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Lightstone forecasts 3,5% nominal house price growth in 2016

The massive double-volume inside the four-bedroom Ranjesfontein home on the market for R7,250m. http://bit.ly/1YKJlOs

At the start of 2015 Lightstone forecast that national house price inflation would end the year off at 5.8% with significant downside should the economy take more strain. By the second half of the year there was very little positive momentum left in the economy and this resulted in national house price inflation ending the year slightly below their forecast at 5.5%

In the absence of a significant positive economic turnaround with an investment-friendly, political climate Lightstone expects to see national house price inflation dropping below CPI, resulting in the loss of real wealth for the majority of homeowners this year. Lightstone’s forecast for 2016 is that nominal house price inflation will end at around 3.5%, resulting in real deflation of home values as the South African Reserve Bank battles to keep CPI within the 6% upper band. If we see a positive turnaround in the economy the best case scenario is that the drop will be subdued and end the year off at around 4.6%, but on the flip side if we have to weather any more major economic storms, house price growth could drop to 2.5% or even lower.Lightstone

The three main factors that influence this depressed forecast are:

A looming recession

With barely positive GDP growth experienced in 2015 and a strong likelihood that GDP growth will slow down further this year, there is a real possibility of South Africa going into a recession during 2016. This will result in even fewer people being employed and able to buy homes, more people being forced to sell their homes and generally less money available to service debt and put down deposits on homes. This absence of eligible buyers and desperation of some homeowners to sell will noticeably stifle property price growth.

Less speculation and home improvements

A Lightstone analysis conducted in 2015 showed that property speculation is at its lowest levels in more than a decade with only 14% (compared to 37% ten years ago) of properties currently being sold within two years of their previous transaction date. Property speculation generally goes hand-in-hand with renovations and this kind of activity in the market drives up house price inflation. Under the tough economic conditions, existing homeowners are also less likely to maintain and improve their homes, resulting in less valuable homes coming onto the market.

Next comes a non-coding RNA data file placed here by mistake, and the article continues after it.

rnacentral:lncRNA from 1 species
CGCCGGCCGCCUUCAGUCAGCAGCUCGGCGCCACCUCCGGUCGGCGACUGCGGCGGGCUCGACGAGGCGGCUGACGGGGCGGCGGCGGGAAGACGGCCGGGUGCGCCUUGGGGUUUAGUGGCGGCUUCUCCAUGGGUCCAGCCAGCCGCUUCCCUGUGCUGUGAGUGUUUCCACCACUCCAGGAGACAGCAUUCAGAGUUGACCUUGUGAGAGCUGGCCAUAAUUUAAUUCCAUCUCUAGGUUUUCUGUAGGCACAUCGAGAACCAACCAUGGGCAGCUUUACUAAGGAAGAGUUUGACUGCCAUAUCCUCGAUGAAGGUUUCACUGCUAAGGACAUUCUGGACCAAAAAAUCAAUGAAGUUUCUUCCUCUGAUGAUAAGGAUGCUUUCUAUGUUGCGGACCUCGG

Currency-induced inflation double whammy

With worldwide investment risk aversion, combined with credit rating downgrades, “Nene-gate”, the drought and the unfriendly investment climate that exists, it is unlikely that the weak currency position will be corrected soon. South Africa is heavily reliant on imports of oil and consumer goods, and the CPI basket will be hit hard by the weak rand. This means that not only will every rand invested in a home by the start of 2016 be worth much less by the end of the year, but it will also prompt the Reserve Bank’s Monetary Policy Committee to push up the repo rate to try to keep consumer price inflation below the 6% target. This increased cost of credit will take even more potential buyers out of the market resulting in a double whammy for real house price growth.

Luxury market down

We’ve seen the luxury property market index, which in the past led the rest of the market through recessions, already growing at lower than CPI in 2015 with the high-value market index in hot pursuit. It is unfortunately only a matter of time until the mid-value market – where the majority of South African homeowner wealth resides – follows suit.

For most South Africans owning or aspiring to own a home this unfortunately means that one of the last remaining “safe investments” is not watertight anymore and careful research should be conducted when evaluating whether and when to buy or sell a home. As always there will be micro economies in certain areas and market segments that will buck the trend and create opportunities for good capital growth.

Top photo: The massive double-volume inside the four-bedroom Ranjesfontein home on the market for R7,250m. http://bit.ly/1YKJlOs



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